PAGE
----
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@mbloomstein | #MIMAsummit 1
© 2013
Margot Bloomstein
@mbloomstein #MIMAsummit
October 15, 2013
CONTENT STRATEGY FOR
SLOW ...
@mbloomstein | #MIMAsummit 2
© 2013
@mbloomstein | #MIMAsummit 3
© 2013
@mbloomstein | #MIMAsummit 4
© 2013
anticipation
discovery
delight
@mbloomstein | #MIMAsummit 5
© 2013
anticipation
discovery
delight
These take time.
@mbloomstein | #MIMAsummit 6
© 2013© Scott A. Miller for Chevrolet
These people are waiting
in a line
@mbloomstein | #MIMAsummit 8
© 2013
@mbloomstein | #MIMAsummit 9
© 2013
These people are delighting
in a line:
they’re engaged,
anticipating,
discovering,
creating memories.
They’re in the momen...
These people are delighting
in a line:
they’re engaged,
anticipating,
discovering,
creating memories
thanks to content.
@m...
Content affects experience…
and a user’s perception of an
experience.
@mbloomstein | #MIMAsummit 12
@mbloomstein | #MIMAsummit 13
© 2013
You wait longer, but you’re engaged
before you get there. You’re invested in
the expe...
@mbloomstein | #MIMAsummit 14
© 2013
When people have a frustrating
experience, they rate the checkout as
slow.
When we as...
Frustration, not speed, drives
the perception of slowness.
That was horrible
and it took forever,
no matter how fast it wa...
@mbloomstein | #MIMAsummit 16
© 2013© jonandallie.blogspot.com
@mbloomstein | #MIMAsummit 17
© 2013
@mbloomstein | #MIMAsummit 18
© 2013
Efficient isn’t always effective—
or good.
Users say frustrating activities
take forever.
But are time-consuming activities
also inherently frustrating?
@mbloomstein...
© Charlotte & Kristian Septimius Krogh
@mbloomstein | #MIMAsummit 21
© 2013
@mbloomstein | #MIMAsummit 22
© 2013
Is the nature of the transaction so
small and insignificant that it shouldn’t
require...
Users can appreciate slow
experiences:
they’re engaged,
anticipating,
creating memories.
They discover, learn, and pay
att...
Why do this?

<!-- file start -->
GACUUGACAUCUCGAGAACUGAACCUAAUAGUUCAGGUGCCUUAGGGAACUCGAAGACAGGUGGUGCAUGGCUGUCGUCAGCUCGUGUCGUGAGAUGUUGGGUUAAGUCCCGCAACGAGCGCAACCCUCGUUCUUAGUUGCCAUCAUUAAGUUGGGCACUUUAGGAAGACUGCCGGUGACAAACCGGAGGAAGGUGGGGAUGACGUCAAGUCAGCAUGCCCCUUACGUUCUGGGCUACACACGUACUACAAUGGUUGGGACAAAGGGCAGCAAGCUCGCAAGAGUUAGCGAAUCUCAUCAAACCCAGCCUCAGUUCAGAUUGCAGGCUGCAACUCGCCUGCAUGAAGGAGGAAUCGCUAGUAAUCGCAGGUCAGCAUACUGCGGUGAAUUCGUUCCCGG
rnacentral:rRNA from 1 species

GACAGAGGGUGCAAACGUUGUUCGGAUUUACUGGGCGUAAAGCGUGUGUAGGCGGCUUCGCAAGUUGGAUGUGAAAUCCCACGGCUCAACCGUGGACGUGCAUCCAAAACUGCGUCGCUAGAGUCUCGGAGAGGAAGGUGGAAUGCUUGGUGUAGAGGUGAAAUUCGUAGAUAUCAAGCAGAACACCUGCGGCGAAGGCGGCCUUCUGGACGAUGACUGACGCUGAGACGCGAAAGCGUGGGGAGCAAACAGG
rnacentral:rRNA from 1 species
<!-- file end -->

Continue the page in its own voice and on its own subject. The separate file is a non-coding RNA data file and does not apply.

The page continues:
• Drive exploration & discovery
• Encourage deliberate choices
• Focus users’ attention
@mbloomstein | #MIMAs...
How do you slow down users?
1. Editorial style and structures
@mbloomstein | #MIMAsummit 25
@mbloomstein | #MIMAsummit 26
© 2013
Users can appreciate slow
experiences.
they’re engaged,
anticipating,
creating memori...
@mbloomstein | #MIMAsummit 27
© 2013
Users can appreciate slow
experiences.
they’re engaged,
anticipating,
creating memori...
@mbloomstein | #MIMAsummit 28
© 2013
“Choosing a lens can be a daunting task
for all of the reasons mentioned above,
so I pulled together some info from my
own...
@mbloomstein | #MIMAsummit 30
© 2013
@mbloomstein | #MIMAsummit 31
© 2013
@mbloomstein | #MIMAsummit 33
© 2013
“Springtime shaded belays at the creek,
predawn starts in the Canadian Rockies
and hu...
@mbloomstein | #MIMAsummit 34
© 2013
How do you slow down users?
1. Editorial style and structures
2. Discovery- and comparison-
oriented content types
@mbloom...
@mbloomstein | #MIMAsummit 36
© 2013
Courage in our
convictions
Empirical
proof
@mbloomstein | #MIMAsummit 37
ValidationDeliberation
@mbloomstein | #MIMAsummit 38
Time & space
to interact
with it
Engaging,
informative
content
@mbloomstein | #MIMAsummit 39
How do you slow down users?
1. Editorial style and structures
2. Discovery- and comparison-
oriented content types
@mbloom...
How do you slow down users?